Revising the Novel: Compressing Plot

I’ve never been one for shoot ’em ups. No high speed car chases. No murder mysteries or psychological thrillers. Books, movies–across the mediums–I just don’t feel a sense of satisfaction reading genre fiction or watching most action movies. But if I look past my biases and a little closer at what’s working in these forms, I see that my work as a novelist can benefit. 

What’s really at stake during a high speed car chase? Well, sure, the hero has to prove his love, dodge the bad guys, get the money, avoid jail, and look good while doing it. But beneath that layer, what’s really happening is that there’s too much being shoved in the character’s face all at once. We, as readers or viewers, get a thrill because we “can’t believe” a character pulled something off. (“Did you see that bus? He almost hit it!…I can’t believe his car jumped that ravine!”) There’s no reason literary fiction authors can’t, or shouldn’t, attempt to zero in on high stakes, too.

High stakes is subjective, of course, but if a writer has painted his or her characters in three dimensions, it doesn’t matter if our “hero” is James Bond or Joe Schmoe. Because everyone knows Joe Schmoe has problems, too, right? He’s got bad days and good days. And he definitely knows about unrequited love. Maybe he buttons his shirt wrong, gets a parking ticket, and spills a drink onto a girl’s lap all in the same day–that’s not high speed, but it’s compressed. And not only that, for Joe Schmoe (who suffers from anxiety, whose mother has dementia, who is terribly bright but no one can see it), having the buttons misaligned on his shirt is just as mortifying as James Bond hitting that bus.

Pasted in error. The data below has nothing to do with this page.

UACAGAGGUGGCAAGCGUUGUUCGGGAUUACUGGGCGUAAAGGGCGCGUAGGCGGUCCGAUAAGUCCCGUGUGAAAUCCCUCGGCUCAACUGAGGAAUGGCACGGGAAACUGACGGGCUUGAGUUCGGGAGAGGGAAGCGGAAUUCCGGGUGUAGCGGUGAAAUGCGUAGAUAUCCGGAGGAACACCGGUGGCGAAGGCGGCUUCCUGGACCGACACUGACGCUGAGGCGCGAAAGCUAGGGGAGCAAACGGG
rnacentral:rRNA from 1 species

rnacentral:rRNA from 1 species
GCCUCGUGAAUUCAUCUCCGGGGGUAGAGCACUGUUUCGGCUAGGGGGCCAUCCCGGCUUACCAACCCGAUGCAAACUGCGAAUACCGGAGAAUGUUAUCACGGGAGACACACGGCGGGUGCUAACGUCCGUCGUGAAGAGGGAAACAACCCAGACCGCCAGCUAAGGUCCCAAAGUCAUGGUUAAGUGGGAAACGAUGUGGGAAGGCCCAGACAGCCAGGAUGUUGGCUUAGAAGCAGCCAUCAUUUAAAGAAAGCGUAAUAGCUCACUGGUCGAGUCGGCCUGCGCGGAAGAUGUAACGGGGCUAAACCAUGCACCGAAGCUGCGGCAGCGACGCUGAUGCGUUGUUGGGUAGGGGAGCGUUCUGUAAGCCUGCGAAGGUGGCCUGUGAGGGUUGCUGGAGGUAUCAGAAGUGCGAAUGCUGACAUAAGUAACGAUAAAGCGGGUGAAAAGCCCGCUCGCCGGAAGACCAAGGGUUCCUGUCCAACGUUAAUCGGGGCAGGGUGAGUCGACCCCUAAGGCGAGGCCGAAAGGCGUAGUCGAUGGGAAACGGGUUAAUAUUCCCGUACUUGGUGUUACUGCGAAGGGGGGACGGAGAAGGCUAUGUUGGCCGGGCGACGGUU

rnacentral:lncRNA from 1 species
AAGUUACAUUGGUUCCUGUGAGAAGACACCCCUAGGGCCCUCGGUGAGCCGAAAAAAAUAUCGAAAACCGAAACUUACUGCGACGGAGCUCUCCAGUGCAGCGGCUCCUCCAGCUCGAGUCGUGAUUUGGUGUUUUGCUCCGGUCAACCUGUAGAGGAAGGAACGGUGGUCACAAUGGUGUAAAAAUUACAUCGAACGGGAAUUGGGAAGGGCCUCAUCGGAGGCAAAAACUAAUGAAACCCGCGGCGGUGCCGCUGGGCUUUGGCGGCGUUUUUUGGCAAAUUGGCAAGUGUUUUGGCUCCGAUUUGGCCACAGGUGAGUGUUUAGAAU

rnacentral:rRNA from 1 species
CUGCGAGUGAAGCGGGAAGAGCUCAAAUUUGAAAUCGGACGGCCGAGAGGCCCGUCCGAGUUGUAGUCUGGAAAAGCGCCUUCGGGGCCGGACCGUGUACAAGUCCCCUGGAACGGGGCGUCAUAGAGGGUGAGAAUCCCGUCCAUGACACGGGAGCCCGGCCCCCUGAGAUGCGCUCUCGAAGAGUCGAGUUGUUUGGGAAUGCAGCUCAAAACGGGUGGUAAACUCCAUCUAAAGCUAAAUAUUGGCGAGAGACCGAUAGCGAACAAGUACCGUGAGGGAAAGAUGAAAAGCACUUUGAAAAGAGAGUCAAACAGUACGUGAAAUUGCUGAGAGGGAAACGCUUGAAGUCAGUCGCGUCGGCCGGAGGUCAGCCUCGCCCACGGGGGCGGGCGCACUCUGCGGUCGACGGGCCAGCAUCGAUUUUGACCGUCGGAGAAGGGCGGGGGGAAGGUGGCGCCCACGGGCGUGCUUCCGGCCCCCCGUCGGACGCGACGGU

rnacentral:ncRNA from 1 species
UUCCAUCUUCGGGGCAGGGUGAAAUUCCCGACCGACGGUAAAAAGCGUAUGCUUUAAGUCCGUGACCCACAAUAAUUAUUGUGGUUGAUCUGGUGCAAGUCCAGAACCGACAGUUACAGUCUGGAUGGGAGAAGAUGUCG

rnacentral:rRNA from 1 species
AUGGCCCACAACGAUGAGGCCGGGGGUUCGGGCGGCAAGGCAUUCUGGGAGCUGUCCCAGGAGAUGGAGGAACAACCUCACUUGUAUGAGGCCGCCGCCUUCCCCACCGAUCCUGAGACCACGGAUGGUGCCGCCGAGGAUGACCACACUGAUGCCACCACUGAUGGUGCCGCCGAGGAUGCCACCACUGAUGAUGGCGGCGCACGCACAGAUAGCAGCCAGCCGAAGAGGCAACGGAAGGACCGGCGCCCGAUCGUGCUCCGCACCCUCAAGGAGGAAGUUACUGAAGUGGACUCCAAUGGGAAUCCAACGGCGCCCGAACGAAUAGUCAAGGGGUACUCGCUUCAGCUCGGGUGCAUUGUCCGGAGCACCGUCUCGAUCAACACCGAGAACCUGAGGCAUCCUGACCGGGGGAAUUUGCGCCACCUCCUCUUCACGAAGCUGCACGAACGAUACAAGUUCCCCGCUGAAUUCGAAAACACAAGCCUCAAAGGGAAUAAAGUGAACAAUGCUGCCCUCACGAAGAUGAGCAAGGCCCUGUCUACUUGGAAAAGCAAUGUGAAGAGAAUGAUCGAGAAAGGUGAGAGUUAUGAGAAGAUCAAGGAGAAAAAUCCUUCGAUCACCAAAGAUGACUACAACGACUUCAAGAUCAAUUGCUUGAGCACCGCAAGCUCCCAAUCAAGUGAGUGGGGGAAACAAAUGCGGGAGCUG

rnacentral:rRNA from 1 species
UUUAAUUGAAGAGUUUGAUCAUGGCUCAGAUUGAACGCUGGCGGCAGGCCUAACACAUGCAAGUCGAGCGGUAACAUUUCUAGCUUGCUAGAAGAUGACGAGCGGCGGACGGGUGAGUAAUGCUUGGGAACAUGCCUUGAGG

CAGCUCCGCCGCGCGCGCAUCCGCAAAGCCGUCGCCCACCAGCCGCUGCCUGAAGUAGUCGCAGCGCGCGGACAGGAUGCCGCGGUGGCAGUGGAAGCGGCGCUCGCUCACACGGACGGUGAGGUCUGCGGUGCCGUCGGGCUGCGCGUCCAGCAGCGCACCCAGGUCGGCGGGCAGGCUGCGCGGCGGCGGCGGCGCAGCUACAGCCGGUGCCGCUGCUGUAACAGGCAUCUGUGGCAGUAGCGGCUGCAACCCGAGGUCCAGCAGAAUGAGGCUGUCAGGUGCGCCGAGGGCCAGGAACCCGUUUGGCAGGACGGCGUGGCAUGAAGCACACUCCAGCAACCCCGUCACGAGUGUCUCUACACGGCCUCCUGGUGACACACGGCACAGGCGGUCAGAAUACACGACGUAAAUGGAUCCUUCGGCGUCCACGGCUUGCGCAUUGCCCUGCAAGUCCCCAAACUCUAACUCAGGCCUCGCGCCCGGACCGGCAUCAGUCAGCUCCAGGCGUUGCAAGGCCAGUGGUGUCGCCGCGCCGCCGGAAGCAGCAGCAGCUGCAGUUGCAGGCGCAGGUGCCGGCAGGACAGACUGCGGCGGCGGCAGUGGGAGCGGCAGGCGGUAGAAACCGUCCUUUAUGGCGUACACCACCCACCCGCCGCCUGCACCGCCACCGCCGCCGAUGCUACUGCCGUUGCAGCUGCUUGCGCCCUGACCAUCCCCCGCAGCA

But wait–you say–James Bond never hits the bus. Exactly. Which is why the realist in me walks out of the theatre after too many hero victories and close calls, but keeps reading when Joe buttons his shirt wrong and gets to work on time anyway, blathering through his day, just trying to get the world to give him a break.

A little Bond. A little Schmoe. It’s all about balance, and as I’m revising the novel with my editor’s and mentor’s advice in mind, I can see more and more that there’s value to cramming things together. When we put our characters up against the wall, bullying them with tiny insult after tiny insult, that has the same effect of a train rumbling down the tracks toward the woman tied at the other end. The reader senses the momentum, feels the infelicities accruing, knows there won’t be any way out…yet they have to keep reading. They have to know what happens to Joe before the day ends. Give Joe too much breathing room or give him only one challenge at a time, and the narrative tension grows slack.

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